Newcastle’s Saturday soundtrack is the buzz of lawn edgers and the throttling hum of mowers. It’s the first sunny weekend after the April storms, the massive east coast low that wreaked havoc on homes and communities. There’s a welcome breeze drying out waterlogged yards and blowing a cloud of sawdust across my clean washing; our fallen gum was finally chainsawed into oblivion two days ago. The air is filled with sweet grass smells and the expectation of a sunny weekend, a fine Mother’s Day.
And on this fine morning, I found myself reflecting on what it means to be a Mum, all those moments that bring joy and exasperation in equal measure. Last year I wrote a little ditty in honour of Mother’s Day, my response to some of the over-the-top sickly sweet reflections on motherhood that peppered social media in May last year (you can read it here). This year I’m rolling a little differently, exploring some of my most memorable mother moments and experiences of the last 12 months. Here’s my take on my mummy year-that-was.
Making the grade. Making the 2014 preschool end of year concert with my partner and Missy Moo’s grandparents and great-grandmother. Full family representation at preschool’s final day followed by an organised afternoon tea at a cafe. Missy Moo was delighted we were all there and it showed. As someone who works long hours and often travels too, this effort in logistics paid off generously via Missy Moo’s smiles. I was pretty proud of that one.
Failing the grade. The very next night I received a phone call at 6.45pm whilst at work asking if Missy Moo was still coming. Pardon? To what? I listened to the daycare teacher tell me that the Missy Moo’s ‘graduation’ from 4 and a half years of daycare was imminent; they could hold off the ceremony for another 10 minutes. I rang my parents who agreed to drive her there as quickly as possible whilst I sped down the highway cursing the previous day’s smugness. Roadwork delays turned me into a sobbing mess. I made it to daycare as other parents and children were leaving. Missy Moo’s first words were a sympathetic “It’s OK Mummy”. Hmm. Mother-guilt cemented for at least 6 months.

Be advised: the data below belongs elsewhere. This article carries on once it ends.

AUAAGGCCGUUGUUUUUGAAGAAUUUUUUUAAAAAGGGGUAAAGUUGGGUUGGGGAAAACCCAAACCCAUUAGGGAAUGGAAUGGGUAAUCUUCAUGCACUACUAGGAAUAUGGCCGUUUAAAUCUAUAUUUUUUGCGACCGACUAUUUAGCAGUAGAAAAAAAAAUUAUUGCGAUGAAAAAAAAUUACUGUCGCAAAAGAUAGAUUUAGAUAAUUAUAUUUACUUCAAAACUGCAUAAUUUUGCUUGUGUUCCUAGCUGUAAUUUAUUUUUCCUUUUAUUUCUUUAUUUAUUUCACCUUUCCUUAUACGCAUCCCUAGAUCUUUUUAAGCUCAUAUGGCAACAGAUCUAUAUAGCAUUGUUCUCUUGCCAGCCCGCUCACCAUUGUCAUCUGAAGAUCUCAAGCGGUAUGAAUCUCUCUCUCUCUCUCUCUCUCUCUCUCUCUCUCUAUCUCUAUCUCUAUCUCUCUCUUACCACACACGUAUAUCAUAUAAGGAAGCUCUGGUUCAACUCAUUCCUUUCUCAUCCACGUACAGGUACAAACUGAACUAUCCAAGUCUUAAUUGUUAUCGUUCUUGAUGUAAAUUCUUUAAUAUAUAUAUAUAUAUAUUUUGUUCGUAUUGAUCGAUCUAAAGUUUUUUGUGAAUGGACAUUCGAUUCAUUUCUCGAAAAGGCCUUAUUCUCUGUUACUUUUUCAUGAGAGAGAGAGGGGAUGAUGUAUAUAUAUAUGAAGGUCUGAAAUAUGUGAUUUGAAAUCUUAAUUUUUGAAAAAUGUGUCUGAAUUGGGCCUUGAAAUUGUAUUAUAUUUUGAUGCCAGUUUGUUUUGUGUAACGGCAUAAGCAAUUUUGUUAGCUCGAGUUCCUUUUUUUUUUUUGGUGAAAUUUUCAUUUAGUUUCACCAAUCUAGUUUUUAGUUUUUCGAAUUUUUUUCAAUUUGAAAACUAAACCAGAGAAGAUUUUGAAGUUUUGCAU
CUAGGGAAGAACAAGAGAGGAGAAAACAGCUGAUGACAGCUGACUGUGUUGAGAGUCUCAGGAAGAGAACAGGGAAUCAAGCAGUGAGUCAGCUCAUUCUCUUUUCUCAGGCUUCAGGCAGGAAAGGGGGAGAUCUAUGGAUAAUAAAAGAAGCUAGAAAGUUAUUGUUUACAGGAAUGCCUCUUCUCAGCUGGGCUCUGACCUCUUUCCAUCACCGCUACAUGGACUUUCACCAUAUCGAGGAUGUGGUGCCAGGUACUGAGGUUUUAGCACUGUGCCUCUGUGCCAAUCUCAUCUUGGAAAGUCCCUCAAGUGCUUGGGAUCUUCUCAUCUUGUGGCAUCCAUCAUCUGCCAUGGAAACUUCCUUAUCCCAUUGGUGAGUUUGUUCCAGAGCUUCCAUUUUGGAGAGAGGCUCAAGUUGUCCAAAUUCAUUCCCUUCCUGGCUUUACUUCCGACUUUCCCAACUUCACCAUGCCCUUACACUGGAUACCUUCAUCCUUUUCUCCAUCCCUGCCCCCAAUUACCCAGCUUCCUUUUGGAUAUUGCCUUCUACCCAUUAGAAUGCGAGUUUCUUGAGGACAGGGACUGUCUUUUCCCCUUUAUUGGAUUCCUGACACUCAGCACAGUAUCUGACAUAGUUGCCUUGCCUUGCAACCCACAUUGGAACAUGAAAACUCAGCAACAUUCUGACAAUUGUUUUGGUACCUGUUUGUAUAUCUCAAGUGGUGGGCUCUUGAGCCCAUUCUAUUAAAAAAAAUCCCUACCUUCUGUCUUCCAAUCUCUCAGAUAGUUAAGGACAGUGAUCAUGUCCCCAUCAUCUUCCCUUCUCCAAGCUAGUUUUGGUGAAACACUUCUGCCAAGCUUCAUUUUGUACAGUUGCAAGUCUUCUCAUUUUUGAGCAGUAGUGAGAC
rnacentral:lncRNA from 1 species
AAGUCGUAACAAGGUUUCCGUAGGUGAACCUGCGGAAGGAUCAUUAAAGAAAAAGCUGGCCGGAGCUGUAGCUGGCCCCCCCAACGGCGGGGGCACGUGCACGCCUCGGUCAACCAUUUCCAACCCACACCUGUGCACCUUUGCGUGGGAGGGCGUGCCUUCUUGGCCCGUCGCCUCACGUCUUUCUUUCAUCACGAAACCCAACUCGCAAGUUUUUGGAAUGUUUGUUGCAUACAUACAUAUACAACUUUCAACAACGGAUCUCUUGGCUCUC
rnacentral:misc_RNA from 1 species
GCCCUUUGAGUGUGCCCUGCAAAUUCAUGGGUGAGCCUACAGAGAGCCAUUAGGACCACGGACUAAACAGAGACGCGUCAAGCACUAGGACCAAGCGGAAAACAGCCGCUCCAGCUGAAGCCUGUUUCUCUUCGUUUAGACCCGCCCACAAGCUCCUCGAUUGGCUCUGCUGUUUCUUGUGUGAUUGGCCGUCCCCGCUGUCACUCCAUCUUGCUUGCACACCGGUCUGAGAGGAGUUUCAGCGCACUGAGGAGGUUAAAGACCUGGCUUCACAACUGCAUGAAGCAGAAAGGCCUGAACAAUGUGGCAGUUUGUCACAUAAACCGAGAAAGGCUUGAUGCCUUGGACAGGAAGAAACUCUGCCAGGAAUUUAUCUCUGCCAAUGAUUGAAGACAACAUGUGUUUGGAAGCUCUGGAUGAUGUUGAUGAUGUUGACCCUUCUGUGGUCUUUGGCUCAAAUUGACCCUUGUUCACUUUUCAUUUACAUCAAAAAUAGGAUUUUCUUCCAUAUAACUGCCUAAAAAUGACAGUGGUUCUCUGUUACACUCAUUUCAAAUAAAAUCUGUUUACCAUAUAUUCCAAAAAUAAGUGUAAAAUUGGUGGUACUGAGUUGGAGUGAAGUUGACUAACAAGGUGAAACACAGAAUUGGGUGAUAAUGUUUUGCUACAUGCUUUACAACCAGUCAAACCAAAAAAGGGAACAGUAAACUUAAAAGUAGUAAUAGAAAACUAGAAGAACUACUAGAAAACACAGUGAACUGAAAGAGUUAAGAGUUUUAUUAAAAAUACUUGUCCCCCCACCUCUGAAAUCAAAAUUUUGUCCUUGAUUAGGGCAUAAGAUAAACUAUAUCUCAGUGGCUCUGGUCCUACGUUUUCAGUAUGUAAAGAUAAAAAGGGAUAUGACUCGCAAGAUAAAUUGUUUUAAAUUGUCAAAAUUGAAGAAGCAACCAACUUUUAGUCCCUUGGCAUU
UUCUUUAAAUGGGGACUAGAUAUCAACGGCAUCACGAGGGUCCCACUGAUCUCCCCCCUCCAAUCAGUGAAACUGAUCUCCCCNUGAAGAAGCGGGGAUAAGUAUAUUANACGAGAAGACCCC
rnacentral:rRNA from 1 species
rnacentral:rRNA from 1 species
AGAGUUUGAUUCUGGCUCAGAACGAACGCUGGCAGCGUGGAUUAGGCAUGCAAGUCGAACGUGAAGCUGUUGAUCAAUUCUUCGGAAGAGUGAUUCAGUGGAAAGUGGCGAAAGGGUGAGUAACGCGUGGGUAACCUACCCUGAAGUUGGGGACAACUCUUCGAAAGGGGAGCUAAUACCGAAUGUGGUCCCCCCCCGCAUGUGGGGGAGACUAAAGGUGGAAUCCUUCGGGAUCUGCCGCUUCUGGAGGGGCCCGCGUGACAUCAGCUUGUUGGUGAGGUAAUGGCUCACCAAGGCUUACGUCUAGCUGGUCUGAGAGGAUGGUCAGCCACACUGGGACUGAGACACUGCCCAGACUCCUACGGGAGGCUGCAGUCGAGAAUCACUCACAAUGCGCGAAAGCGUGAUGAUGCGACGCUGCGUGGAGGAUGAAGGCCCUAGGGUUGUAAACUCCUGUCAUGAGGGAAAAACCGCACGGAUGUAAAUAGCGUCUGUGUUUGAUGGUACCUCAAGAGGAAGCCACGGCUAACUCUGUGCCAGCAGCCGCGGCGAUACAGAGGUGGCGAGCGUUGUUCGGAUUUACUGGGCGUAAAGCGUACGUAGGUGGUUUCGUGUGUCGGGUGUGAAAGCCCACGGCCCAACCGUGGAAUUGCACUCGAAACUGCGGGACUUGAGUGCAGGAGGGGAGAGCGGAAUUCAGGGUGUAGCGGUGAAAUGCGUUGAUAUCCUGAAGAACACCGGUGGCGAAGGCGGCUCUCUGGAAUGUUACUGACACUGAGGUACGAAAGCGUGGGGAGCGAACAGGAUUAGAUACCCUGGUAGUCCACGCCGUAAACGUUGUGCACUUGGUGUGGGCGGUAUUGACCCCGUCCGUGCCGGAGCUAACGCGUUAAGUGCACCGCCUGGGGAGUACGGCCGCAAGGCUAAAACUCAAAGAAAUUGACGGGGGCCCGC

Schools in. Missy Moo started school this year. Sheesh, where did the time go? Circumnavigating this new entity and all it brings whilst worrying that Missy Moo is making friends, spending time with nice kids, learning and coping. She’s still excited after Term 1 which is a good sign. Some minor traumatic moments but all in all she seems happy. And so we are too.
“You can go in now”. First meeting with the school principal. That feeling of trepidation when walking into a principal’s office doesn’t change with age. A tough conversation about school stuff-ups and a few tears and sniffles later I walk out reassured and hopeful that the problem will be fixed. Go Mummy-me!
Pass the pencils. Cafe colouring-in time with my girl. On increasingly rare ‘free’ days we search the web, source and print off black and white mandalas, grab her textas and coloured pencils and head off to a cafe together. We chat, colour and compare our artworks. Love, love, love this time with her.
Pass the bucket. This one goes to Missy Moo’s courage and how proud it makes me feel. My little girl is wonderfully brave when she is sick, really sick. She is the best young “bomiter” I have ever met. No fuss, no hesitation. She’s scared when she knows it’s coming but she’ll grab that bucket and bow that head, even when feverish, tired and sad. What a little trooper.
The best medicine. The sound of my little girl’s laugh is infectious, giggly and has a touch of madness about it. It’s natural and sweet and always makes me smile and laugh too.
Dance baby dance. My daughter and I sing and dance together all the time. I’ve embraced singers that will never grace my preferred station of Triple J’s playlist: we shake it off to Taylor, shake our booty’s to Meghan and I shake my head at Charli XCX. Nevertheless, we do it together whilst singing and flinging our bodies around. Glorious!
Nighty night. Saying good night to Missy Moo every night. Kisses, cuddles, sometimes lying in bed reading a book together. It’s special and I know oh-so-short-lived. She will grow up in no time and these moments will pass. I treasure them.
Last but not least. Each morning last week I was greeted with the number of days until Mothers Day, my own personal countdown . Sunday morning she had the same look on her face as Easter and Christmas Day, that gorgeous anticipation. I love the fact that she’s as excited by giving as receiving. It makes me hopeful for the type of person she will grow into and that is, without a doubt, the best Mothers Day present ever.